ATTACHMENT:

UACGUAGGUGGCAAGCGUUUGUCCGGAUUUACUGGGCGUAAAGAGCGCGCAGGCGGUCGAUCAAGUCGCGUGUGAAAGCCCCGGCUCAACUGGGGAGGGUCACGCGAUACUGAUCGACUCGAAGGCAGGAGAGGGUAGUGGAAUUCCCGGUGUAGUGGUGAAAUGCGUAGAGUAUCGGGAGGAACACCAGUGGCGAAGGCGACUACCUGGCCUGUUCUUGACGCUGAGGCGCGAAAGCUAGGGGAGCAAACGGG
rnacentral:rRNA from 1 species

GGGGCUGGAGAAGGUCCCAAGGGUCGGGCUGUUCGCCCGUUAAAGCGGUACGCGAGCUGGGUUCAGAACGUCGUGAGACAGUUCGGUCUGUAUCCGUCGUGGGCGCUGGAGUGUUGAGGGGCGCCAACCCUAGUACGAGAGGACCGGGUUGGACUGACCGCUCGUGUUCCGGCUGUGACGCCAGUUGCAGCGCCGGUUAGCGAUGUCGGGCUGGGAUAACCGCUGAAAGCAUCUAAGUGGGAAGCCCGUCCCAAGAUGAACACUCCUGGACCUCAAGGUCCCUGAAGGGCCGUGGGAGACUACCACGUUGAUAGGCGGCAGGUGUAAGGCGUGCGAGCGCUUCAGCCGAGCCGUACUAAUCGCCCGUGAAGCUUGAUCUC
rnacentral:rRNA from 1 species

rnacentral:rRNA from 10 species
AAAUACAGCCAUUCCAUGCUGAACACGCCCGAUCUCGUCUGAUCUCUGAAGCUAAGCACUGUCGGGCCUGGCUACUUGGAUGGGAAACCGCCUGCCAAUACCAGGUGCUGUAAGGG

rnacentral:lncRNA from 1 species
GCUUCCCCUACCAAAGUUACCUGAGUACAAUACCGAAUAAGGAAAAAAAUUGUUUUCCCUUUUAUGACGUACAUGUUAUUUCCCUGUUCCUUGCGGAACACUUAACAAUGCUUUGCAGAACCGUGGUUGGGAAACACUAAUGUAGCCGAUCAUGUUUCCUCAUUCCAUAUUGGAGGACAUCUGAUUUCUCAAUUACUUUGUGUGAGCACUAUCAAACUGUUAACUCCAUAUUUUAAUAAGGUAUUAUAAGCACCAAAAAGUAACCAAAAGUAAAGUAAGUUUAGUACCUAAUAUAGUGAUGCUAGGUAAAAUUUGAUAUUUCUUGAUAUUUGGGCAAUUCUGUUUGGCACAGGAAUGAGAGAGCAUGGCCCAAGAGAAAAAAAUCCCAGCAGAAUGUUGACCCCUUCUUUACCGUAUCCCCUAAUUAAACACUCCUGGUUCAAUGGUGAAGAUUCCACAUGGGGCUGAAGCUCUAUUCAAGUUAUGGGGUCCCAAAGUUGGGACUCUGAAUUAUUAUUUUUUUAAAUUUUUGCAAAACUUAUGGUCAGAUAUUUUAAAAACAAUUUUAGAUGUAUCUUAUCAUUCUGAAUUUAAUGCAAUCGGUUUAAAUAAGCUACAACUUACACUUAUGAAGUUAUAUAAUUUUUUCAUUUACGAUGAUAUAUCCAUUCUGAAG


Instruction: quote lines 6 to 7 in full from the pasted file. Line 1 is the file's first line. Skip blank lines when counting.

AAAUACAGCCAUUCCAUGCUGAACACGCCCGAUCUCGUCUGAUCUCUGAAGCUAAGCACUGUCGGGCCUGGCUACUUGGAUGGGAAACCGCCUGCCAAUACCAGGUGCUGUAAGGG

rnacentral:lncRNA from 1 species